Pop super-manager Scooter Braun: ‘I was not going to let Justin Bieber die’
Perfectly on time, Scooter Braun strides into a small, windowless room at Cannes’ Midem convention, the annual gathering of the world’s music business. For someone who has just flown in from the US, he looks remarkably good: suit and shirt perfect, no hint of jet lag. But these are good times, even by Braun’s standards. The man who once sold fake IDs at university could now reasonably claim to be the biggest manager in pop, with a personal fortune estimated at $23m (£17m), thanks to his involvement with the likes of Ariana Grande, Justin Bieber and Carly Rae Jepsen, as well as canny investments in Spotify, Uber and Dropbox. He has just announced the first film to come out of his studio, Mythos – an animated movie called Cupid, with Justin Bieber voicing the title character – and the founding of a reality TV company, GoodStory Entertainment.
His relationship with his most wayward artist, Kanye West, is back on, after a “rough” couple of weeks in which West fired him, apparently enraged at Braun’s refusal to get rid of all his other clients and work solely with him. West announced that he couldn’t be managed (Braun favourited the tweet) in a media rampage that also included doubling down on his support for Donald Trump and appearing on TMZ to suggest that slavery was “a choice”. A “manic moment”, suggests Braun, brought on by the rapper’s bipolar disorder.
West subsequently “called me up and said: ‘We’ve had a great thing for the last couple of years. And [in] the last two weeks, I think, a lot of things have got out of hand, and we’re brothers – come help.’ I really do love the guy. We’ll see how long it lasts, but I’ll always be a friend to him. We’re not going to use the word ‘manager’ – it’s not a word that he likes, nor does it really describe our relationship. I see myself as an adviser and a partner in his efforts.”
But, as a manager, Braun’s stock is more buoyant than ever, in part because he has shown a remarkable capacity for turning tragedy into triumph, such as after the terrorist bombing at Grande’s Manchester Arena gig last year. His reaction was initially prompted, he admits, by anger. “I wanted to fight back. My grandparents are Holocaust survivors, so I have known that kind of evil exists my whole life. I’ve been waiting for it to come my way [for] my whole life, and my initial reaction was: ‘You’ve fucked with the wrong person.’” He arranged for Grande to see a therapist and pulled together the star-studded One Love Manchester benefit concert in 12 days, calling in favours from everyone from Chris Martin to the footballer Robbie Keane.
Then there was the saga of Bieber’s 2013-14 fall from grace, a classic teen-idol-gone-wild scenario involving rumours of problems with alcohol and prescription drugs and a string of arrests for vandalism, driving offences and assault. It should have been the stuff of career-ending disaster. Instead, here Bieber is, clean, sober and a bigger star than ever, thanks not just to the exceptionally well-made 2015 album, Purpose, but also to a public rehabilitation that Braun says he began planning the moment Bieber “looked me in the eye and said: ‘I’m making a change.’”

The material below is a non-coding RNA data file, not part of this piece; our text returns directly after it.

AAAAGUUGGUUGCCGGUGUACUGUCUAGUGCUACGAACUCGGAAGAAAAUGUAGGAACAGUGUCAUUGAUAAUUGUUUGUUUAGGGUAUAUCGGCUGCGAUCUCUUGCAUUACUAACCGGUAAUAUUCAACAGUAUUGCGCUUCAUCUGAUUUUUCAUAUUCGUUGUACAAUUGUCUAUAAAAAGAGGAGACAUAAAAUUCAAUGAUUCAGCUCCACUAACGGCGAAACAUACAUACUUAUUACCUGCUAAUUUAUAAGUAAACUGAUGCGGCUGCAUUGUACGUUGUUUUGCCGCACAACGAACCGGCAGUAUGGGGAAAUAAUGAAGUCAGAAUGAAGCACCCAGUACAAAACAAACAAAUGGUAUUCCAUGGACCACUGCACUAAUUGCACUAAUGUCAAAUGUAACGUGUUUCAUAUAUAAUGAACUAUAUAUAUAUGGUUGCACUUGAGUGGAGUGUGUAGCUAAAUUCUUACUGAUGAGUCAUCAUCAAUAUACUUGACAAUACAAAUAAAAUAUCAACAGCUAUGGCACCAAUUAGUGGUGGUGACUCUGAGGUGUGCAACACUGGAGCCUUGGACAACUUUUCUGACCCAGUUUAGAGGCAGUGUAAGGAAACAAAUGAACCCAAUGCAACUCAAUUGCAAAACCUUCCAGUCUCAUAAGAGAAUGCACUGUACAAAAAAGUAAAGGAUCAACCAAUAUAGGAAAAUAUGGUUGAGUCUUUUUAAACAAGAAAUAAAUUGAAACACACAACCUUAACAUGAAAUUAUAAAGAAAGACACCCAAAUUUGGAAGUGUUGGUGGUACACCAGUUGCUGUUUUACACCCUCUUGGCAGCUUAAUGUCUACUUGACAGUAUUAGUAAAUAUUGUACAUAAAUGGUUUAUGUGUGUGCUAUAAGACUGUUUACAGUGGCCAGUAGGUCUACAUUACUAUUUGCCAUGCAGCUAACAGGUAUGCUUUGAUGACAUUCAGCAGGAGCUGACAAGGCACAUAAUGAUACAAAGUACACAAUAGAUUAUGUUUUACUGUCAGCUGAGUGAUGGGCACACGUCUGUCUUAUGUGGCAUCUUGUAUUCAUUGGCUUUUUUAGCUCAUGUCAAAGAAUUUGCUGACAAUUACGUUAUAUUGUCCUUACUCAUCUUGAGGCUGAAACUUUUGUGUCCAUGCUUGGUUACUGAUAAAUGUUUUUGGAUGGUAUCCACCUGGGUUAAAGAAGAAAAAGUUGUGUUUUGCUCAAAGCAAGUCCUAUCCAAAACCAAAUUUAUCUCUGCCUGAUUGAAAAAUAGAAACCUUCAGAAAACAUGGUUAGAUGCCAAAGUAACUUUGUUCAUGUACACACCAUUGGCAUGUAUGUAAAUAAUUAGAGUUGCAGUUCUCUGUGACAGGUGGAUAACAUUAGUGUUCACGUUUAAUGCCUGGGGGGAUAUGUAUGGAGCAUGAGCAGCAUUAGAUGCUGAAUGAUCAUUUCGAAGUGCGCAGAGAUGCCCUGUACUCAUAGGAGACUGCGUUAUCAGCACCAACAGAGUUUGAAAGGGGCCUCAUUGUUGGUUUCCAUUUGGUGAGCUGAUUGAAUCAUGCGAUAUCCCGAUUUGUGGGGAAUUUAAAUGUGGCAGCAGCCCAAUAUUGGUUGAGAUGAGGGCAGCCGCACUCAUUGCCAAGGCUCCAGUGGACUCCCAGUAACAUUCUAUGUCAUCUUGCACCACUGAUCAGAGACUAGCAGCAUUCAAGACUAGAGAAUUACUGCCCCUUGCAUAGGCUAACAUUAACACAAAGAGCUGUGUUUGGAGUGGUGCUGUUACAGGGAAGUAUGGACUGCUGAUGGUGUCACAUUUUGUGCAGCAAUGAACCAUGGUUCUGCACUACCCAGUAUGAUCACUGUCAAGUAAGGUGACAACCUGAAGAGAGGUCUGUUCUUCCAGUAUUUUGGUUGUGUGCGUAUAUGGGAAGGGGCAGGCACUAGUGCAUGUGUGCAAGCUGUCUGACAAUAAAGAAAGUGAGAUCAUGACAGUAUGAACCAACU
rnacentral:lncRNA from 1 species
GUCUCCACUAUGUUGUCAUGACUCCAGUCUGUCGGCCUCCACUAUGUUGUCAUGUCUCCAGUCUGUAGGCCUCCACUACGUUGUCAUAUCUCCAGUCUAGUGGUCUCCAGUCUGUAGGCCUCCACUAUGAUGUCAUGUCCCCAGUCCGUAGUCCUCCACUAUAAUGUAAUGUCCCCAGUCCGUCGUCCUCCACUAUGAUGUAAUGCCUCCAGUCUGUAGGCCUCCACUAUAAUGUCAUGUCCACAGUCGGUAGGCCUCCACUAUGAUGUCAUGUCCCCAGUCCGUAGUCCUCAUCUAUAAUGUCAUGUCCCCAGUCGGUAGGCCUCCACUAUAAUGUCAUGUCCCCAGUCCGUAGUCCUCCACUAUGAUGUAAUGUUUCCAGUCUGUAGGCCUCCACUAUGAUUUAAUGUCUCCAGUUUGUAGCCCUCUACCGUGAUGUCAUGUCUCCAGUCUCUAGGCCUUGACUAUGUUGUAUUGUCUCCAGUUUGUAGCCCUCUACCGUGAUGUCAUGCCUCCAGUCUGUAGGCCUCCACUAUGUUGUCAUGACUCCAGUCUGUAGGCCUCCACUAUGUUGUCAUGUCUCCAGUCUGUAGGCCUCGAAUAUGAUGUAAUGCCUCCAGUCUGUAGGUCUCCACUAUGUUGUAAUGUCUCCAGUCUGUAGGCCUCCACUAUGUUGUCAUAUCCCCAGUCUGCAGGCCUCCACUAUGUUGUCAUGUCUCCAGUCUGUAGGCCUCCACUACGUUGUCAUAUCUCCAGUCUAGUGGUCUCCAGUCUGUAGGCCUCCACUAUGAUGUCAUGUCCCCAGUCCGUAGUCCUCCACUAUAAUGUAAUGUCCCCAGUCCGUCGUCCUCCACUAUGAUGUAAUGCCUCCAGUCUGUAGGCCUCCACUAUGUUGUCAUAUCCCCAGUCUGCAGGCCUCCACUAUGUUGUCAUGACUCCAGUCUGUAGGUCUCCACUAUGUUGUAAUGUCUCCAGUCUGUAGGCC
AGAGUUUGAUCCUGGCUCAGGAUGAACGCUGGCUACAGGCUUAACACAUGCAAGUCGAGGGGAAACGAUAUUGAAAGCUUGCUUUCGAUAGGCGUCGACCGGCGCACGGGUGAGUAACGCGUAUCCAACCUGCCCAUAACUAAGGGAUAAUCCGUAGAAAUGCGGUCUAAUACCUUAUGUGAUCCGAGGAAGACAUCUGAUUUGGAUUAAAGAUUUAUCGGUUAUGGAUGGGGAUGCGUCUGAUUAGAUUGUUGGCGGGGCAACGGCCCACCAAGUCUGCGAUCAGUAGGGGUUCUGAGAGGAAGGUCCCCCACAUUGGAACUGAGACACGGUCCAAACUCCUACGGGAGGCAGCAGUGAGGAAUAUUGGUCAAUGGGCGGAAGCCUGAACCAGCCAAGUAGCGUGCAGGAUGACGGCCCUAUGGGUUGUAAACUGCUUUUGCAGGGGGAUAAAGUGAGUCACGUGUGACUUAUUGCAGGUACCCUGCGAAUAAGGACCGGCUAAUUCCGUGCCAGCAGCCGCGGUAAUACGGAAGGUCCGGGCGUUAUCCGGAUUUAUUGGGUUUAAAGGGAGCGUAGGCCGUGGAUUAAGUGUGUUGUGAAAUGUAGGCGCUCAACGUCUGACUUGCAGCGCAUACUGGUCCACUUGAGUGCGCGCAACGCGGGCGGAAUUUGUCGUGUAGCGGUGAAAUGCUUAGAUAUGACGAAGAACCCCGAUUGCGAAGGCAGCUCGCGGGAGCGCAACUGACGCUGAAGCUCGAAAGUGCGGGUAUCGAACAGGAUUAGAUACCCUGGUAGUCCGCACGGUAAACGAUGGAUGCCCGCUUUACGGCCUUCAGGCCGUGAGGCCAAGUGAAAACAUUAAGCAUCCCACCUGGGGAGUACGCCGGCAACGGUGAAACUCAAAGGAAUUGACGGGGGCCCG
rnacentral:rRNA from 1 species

Braun won’t be drawn on what went wrong in the first place, other than to say that he thought Bieber might die. “I was not going to give up on him, I was not going to let him die, I was not going to put him in that position of: ‘Oh, let’s just keep him working.’”
He says he isn’t worried that Bieber’s recent born-again Christianity may affect his popularity. Bieber was baptised – in the bathtub of a New York Knicks player, no less – by Carl Lentz, a pastor from Hillsong, a Pentecostal “megachurch” that has attracted criticism for its views on homosexuality. “At the end of the day, I would choose this result over what I was dealing with, a thousand times over,” says Braun. He thinks for a moment. “The best thing that happened to Justin Bieber is that he found God. He was able to remove himself from being worshipped, and realise he’s in service to others. Because I don’t think human beings are built to be worshipped.”
Throughout it all, Braun has maintained a remarkably high profile for a pop manager. If he is scrupulously deferential to his clients in interviews – insisting it is Bieber who deserves credit for turning his own fortunes around, and that Braun only gave a speech from the stage at One Love Manchester because Grande didn’t want to do it herself – he is nevertheless very visible. He has more than 4 million Twitter followers tuning into a stream of plugs for his artists, photos of his family and self-help homilies. Rather than denying that he seeks the limelight, he says it was part of the plan from the start, devised when he was still a student.
A well-raised Jewish boy from a nice part of Connecticut, he faced down antisemitism at school – someone carved a swastika into his car when he was elected class president – and went to study in Atlanta, promoting hip-hop parties as a sideline. One year, he says, Puff Daddy co-hosted a party with the manager of Outkast, then the world’s biggest hip-hop act. The next year, Outkast had split, their manager was no longer their manager, and Puffy was hosting a party without him. It was a cautionary tale never to make Braun’s success dependent on someone else, although he knew that building his own brand would be divisive. He never aspired to be a manager, he says, and, at 37, admits that he will be annoyed if he’s still at it in his 50s. “I love working with the people I work with,” he says. “I’m blessed to be a part of these people’s stories. But their story is not just going to define mine.”